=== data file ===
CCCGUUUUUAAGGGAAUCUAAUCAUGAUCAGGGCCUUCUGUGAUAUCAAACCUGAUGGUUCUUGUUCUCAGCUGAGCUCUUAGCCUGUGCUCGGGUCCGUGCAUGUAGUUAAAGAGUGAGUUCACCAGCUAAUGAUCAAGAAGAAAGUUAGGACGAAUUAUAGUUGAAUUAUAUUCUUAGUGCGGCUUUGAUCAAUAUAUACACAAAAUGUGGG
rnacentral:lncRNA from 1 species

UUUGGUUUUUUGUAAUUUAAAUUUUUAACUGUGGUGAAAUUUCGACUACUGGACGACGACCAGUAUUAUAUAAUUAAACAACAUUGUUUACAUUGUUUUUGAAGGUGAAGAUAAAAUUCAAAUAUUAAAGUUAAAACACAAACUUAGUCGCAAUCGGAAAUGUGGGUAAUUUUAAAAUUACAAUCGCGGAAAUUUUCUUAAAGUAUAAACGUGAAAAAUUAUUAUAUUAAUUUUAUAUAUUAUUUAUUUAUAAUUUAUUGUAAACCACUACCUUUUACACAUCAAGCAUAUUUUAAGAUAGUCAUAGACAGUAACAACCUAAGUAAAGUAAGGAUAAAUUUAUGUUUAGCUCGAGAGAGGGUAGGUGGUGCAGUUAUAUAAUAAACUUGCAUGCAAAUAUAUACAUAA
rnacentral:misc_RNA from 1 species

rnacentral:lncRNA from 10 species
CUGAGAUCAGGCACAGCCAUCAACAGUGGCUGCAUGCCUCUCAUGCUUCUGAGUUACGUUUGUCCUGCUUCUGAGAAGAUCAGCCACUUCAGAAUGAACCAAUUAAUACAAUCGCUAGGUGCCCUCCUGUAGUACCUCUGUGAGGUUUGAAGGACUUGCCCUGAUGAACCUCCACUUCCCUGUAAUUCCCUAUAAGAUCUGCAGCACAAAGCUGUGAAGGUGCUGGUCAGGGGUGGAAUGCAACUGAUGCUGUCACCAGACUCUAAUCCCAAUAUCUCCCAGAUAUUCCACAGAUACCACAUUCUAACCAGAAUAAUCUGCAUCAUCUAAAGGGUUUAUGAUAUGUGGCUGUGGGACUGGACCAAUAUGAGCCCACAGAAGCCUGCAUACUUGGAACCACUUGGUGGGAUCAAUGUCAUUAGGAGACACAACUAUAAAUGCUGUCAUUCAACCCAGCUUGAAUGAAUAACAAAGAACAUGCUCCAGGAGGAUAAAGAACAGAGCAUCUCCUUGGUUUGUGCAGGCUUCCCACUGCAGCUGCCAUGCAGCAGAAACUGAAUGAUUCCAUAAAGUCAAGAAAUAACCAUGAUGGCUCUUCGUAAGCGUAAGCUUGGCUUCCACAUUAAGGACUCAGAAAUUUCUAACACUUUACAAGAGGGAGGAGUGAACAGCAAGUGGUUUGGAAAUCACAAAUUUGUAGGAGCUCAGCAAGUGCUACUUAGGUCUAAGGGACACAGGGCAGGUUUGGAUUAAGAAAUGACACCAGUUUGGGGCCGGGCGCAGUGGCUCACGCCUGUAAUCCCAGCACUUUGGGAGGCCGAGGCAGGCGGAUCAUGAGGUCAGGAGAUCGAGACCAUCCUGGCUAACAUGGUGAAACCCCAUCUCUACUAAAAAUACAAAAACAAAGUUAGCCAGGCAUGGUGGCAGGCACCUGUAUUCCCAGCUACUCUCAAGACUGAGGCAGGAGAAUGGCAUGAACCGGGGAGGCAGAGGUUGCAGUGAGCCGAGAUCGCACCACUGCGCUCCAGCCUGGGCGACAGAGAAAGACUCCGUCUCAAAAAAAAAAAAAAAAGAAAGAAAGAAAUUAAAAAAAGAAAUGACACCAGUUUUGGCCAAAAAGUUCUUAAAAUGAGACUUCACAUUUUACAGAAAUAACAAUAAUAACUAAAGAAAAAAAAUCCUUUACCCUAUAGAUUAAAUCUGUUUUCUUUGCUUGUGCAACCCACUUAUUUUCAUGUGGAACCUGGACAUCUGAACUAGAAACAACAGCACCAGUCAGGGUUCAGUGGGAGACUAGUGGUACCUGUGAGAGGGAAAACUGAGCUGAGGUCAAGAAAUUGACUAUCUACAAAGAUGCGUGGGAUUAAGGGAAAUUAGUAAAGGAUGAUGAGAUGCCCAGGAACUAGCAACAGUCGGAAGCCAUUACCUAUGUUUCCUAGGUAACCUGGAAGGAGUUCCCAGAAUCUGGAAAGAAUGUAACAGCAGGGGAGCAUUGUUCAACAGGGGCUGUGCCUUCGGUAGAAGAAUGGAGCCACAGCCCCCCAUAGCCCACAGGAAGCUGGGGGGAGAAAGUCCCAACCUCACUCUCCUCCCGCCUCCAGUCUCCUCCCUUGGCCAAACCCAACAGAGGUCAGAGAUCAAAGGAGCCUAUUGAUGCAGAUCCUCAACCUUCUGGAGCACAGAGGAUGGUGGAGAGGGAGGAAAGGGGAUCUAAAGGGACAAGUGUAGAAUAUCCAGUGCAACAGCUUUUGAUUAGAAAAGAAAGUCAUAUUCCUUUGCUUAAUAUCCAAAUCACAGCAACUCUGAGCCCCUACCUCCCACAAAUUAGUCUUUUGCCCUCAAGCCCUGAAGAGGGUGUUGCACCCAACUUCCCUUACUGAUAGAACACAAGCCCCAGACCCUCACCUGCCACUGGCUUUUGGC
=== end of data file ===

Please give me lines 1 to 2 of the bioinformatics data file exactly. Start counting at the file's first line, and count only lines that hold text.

CCCGUUUUUAAGGGAAUCUAAUCAUGAUCAGGGCCUUCUGUGAUAUCAAACCUGAUGGUUCUUGUUCUCAGCUGAGCUCUUAGCCUGUGCUCGGGUCCGUGCAUGUAGUUAAAGAGUGAGUUCACCAGCUAAUGAUCAAGAAGAAAGUUAGGACGAAUUAUAGUUGAAUUAUAUUCUUAGUGCGGCUUUGAUCAAUAUAUACACAAAAUGUGGG
rnacentral:lncRNA from 1 species